"I think I just want people to see it for themselves. I can sit here and tell everyone till I'm blue in the face I can play defense. But when they see it that's when they will really believe it."
Shane Larkin is rising up draft boards on a weekly basis, but still ranked no better than fourth on the PG depth chart and stuck in the middle of the first round of mocks. Trey Burke, C.J. McCollum, Michael Carter-Williams and even Dennis Schroeder are ranked higher at the moment.
"Yeah, that's why you come out here," Larkin said of joining the PG-heavy group. "To go against guys rated above you. I wanted to come out here to work out against all three of them but Trey was doing the individual today."
Larkin's biggest knock is size (5'11"), yet he's nearly the same size as Trey Burke who is currently projected to go as many as 10-15 slots higher in the 2013 NBA Draft.
"Trey is maybe ¾ inch taller than me. He doesn't have the undersized label, but it's whatever."
Larkin's advantage is athleticism. He jumped the highest at the combine and overall ranked very well in all the athletic tests. He clearly has a desire to show off his skills against his closest PG competitors.
"I wish it was one on one," Larkin said. "So I could show my quickness is hard to guard one on one. And the bigger guys [like Michael Carter-Williams], its going to be hard for them to go around me just because I can get into them as a smaller guy. But I wasn't able to show that today but it was a good workout, great strategy, so it was fun."
While Larkin has a lot to prove, and a lot of room to rise up the draft charts, C.J. McCollum is in a trickier spot. If he shows poorly against guys like MCW and Larkin, his draft stock could plummet.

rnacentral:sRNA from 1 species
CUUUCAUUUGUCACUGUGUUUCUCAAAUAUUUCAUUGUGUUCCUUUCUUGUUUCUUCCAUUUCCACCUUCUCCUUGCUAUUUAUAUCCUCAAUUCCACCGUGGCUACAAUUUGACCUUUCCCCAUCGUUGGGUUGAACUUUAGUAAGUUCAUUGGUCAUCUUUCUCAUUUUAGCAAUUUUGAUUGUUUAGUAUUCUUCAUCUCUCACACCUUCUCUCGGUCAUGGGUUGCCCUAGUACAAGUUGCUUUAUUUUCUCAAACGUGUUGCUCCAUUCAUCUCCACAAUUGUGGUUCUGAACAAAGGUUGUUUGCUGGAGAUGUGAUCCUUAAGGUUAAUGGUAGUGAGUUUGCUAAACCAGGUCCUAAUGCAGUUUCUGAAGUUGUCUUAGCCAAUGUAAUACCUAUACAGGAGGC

But that's not even an issue for McCollum, a 6'3" combo guard who's happy being pegged with the PGs this week.
"I'm not running from anybody," C.J. McCollum said when asked about playing against the other point guards. "I'm working out against whoever. We're all basketball players, so there should be nothing to hide."
McCollum has been compared to another small-school combo guard who just won rookie of the year, Damian Lillard of the Portland Trailblazers. McCollum embraces that comparison, considering Lillard did so well that McCollum will benefit from an inflated draft stock as a result.
"His demeanor sets him apart, and I think I have the same demeanor. Nothing really fazes us, we're both heady players, both able to score.
"I think it's funny," McCollum continued. "He did well, so now people will say CJ will do well at the next level. But if he would have done poorly, or if Steph Curry did poorly, they'll be saying small school guys can't play in the NBA, it's impossible. I'm glad he did well."
McCollum just graduated from Lehigh with a journalism degree in his four years of playing, citing that dedication as a testament to his character. "I stayed there and committed myself. It shows what type of person I am.